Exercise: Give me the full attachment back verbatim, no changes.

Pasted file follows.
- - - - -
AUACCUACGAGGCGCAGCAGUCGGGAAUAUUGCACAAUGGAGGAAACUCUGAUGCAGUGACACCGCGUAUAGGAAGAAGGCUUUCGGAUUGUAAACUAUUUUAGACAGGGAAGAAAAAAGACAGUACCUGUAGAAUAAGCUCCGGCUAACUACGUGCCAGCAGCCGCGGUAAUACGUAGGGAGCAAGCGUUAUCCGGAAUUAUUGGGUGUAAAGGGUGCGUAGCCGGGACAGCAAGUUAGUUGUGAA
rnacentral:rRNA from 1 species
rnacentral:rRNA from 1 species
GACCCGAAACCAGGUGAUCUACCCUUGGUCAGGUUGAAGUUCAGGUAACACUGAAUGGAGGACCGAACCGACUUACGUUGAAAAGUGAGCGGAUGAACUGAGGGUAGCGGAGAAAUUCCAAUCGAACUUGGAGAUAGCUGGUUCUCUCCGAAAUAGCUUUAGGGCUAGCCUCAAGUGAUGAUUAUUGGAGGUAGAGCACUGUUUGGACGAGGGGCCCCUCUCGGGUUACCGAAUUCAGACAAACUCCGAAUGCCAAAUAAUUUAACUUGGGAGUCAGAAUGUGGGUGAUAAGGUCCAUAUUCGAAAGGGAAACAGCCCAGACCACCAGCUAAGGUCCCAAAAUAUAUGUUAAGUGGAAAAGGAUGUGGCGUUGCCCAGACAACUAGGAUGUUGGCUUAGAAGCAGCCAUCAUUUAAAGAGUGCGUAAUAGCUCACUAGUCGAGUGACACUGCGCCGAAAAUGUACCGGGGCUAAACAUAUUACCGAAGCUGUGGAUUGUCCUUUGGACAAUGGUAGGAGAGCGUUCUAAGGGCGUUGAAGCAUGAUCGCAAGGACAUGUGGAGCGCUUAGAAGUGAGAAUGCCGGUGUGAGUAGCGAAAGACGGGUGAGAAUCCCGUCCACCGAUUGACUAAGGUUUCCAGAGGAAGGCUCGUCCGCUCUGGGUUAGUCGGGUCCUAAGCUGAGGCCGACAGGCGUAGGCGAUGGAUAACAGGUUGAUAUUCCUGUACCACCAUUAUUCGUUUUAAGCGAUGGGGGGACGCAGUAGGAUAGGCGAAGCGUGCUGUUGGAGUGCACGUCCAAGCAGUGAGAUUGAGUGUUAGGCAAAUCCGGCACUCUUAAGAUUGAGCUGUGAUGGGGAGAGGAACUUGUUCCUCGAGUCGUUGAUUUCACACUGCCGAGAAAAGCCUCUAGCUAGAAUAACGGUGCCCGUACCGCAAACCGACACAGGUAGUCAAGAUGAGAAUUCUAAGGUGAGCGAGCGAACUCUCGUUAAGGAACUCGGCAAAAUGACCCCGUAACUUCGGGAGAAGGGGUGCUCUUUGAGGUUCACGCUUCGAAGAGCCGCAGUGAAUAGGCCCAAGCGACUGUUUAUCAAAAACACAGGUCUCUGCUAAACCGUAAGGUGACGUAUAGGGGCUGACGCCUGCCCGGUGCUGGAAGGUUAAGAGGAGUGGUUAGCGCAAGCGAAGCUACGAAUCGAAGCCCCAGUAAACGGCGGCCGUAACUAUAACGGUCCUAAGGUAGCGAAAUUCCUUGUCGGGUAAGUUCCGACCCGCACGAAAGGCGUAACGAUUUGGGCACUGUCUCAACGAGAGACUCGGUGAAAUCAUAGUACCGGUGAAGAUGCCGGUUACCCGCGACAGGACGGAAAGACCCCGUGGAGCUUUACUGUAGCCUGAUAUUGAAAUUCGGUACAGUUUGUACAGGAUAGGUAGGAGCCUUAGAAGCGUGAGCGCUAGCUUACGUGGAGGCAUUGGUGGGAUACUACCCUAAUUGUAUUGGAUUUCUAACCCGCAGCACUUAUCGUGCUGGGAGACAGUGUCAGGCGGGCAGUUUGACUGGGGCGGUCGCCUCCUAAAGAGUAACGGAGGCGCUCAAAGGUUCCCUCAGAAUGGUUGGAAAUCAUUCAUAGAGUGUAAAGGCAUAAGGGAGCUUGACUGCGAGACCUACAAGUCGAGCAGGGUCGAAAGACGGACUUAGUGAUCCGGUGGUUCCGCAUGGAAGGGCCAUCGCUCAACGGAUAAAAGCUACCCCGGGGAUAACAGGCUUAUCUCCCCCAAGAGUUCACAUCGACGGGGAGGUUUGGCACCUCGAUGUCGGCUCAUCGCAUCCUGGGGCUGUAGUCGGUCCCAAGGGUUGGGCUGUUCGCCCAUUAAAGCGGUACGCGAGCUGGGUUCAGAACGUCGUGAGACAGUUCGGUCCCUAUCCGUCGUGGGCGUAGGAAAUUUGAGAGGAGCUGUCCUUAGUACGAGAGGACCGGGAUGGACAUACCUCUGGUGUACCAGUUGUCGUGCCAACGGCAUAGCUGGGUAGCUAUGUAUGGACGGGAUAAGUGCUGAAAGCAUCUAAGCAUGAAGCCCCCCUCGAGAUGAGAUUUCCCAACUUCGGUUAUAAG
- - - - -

AUACCUACGAGGCGCAGCAGUCGGGAAUAUUGCACAAUGGAGGAAACUCUGAUGCAGUGACACCGCGUAUAGGAAGAAGGCUUUCGGAUUGUAAACUAUUUUAGACAGGGAAGAAAAAAGACAGUACCUGUAGAAUAAGCUCCGGCUAACUACGUGCCAGCAGCCGCGGUAAUACGUAGGGAGCAAGCGUUAUCCGGAAUUAUUGGGUGUAAAGGGUGCGUAGCCGGGACAGCAAGUUAGUUGUGAA
rnacentral:rRNA from 1 species
rnacentral:rRNA from 1 species
GACCCGAAACCAGGUGAUCUACCCUUGGUCAGGUUGAAGUUCAGGUAACACUGAAUGGAGGACCGAACCGACUUACGUUGAAAAGUGAGCGGAUGAACUGAGGGUAGCGGAGAAAUUCCAAUCGAACUUGGAGAUAGCUGGUUCUCUCCGAAAUAGCUUUAGGGCUAGCCUCAAGUGAUGAUUAUUGGAGGUAGAGCACUGUUUGGACGAGGGGCCCCUCUCGGGUUACCGAAUUCAGACAAACUCCGAAUGCCAAAUAAUUUAACUUGGGAGUCAGAAUGUGGGUGAUAAGGUCCAUAUUCGAAAGGGAAACAGCCCAGACCACCAGCUAAGGUCCCAAAAUAUAUGUUAAGUGGAAAAGGAUGUGGCGUUGCCCAGACAACUAGGAUGUUGGCUUAGAAGCAGCCAUCAUUUAAAGAGUGCGUAAUAGCUCACUAGUCGAGUGACACUGCGCCGAAAAUGUACCGGGGCUAAACAUAUUACCGAAGCUGUGGAUUGUCCUUUGGACAAUGGUAGGAGAGCGUUCUAAGGGCGUUGAAGCAUGAUCGCAAGGACAUGUGGAGCGCUUAGAAGUGAGAAUGCCGGUGUGAGUAGCGAAAGACGGGUGAGAAUCCCGUCCACCGAUUGACUAAGGUUUCCAGAGGAAGGCUCGUCCGCUCUGGGUUAGUCGGGUCCUAAGCUGAGGCCGACAGGCGUAGGCGAUGGAUAACAGGUUGAUAUUCCUGUACCACCAUUAUUCGUUUUAAGCGAUGGGGGGACGCAGUAGGAUAGGCGAAGCGUGCUGUUGGAGUGCACGUCCAAGCAGUGAGAUUGAGUGUUAGGCAAAUCCGGCACUCUUAAGAUUGAGCUGUGAUGGGGAGAGGAACUUGUUCCUCGAGUCGUUGAUUUCACACUGCCGAGAAAAGCCUCUAGCUAGAAUAACGGUGCCCGUACCGCAAACCGACACAGGUAGUCAAGAUGAGAAUUCUAAGGUGAGCGAGCGAACUCUCGUUAAGGAACUCGGCAAAAUGACCCCGUAACUUCGGGAGAAGGGGUGCUCUUUGAGGUUCACGCUUCGAAGAGCCGCAGUGAAUAGGCCCAAGCGACUGUUUAUCAAAAACACAGGUCUCUGCUAAACCGUAAGGUGACGUAUAGGGGCUGACGCCUGCCCGGUGCUGGAAGGUUAAGAGGAGUGGUUAGCGCAAGCGAAGCUACGAAUCGAAGCCCCAGUAAACGGCGGCCGUAACUAUAACGGUCCUAAGGUAGCGAAAUUCCUUGUCGGGUAAGUUCCGACCCGCACGAAAGGCGUAACGAUUUGGGCACUGUCUCAACGAGAGACUCGGUGAAAUCAUAGUACCGGUGAAGAUGCCGGUUACCCGCGACAGGACGGAAAGACCCCGUGGAGCUUUACUGUAGCCUGAUAUUGAAAUUCGGUACAGUUUGUACAGGAUAGGUAGGAGCCUUAGAAGCGUGAGCGCUAGCUUACGUGGAGGCAUUGGUGGGAUACUACCCUAAUUGUAUUGGAUUUCUAACCCGCAGCACUUAUCGUGCUGGGAGACAGUGUCAGGCGGGCAGUUUGACUGGGGCGGUCGCCUCCUAAAGAGUAACGGAGGCGCUCAAAGGUUCCCUCAGAAUGGUUGGAAAUCAUUCAUAGAGUGUAAAGGCAUAAGGGAGCUUGACUGCGAGACCUACAAGUCGAGCAGGGUCGAAAGACGGACUUAGUGAUCCGGUGGUUCCGCAUGGAAGGGCCAUCGCUCAACGGAUAAAAGCUACCCCGGGGAUAACAGGCUUAUCUCCCCCAAGAGUUCACAUCGACGGGGAGGUUUGGCACCUCGAUGUCGGCUCAUCGCAUCCUGGGGCUGUAGUCGGUCCCAAGGGUUGGGCUGUUCGCCCAUUAAAGCGGUACGCGAGCUGGGUUCAGAACGUCGUGAGACAGUUCGGUCCCUAUCCGUCGUGGGCGUAGGAAAUUUGAGAGGAGCUGUCCUUAGUACGAGAGGACCGGGAUGGACAUACCUCUGGUGUACCAGUUGUCGUGCCAACGGCAUAGCUGGGUAGCUAUGUAUGGACGGGAUAAGUGCUGAAAGCAUCUAAGCAUGAAGCCCCCCUCGAGAUGAGAUUUCCCAACUUCGGUUAUAAG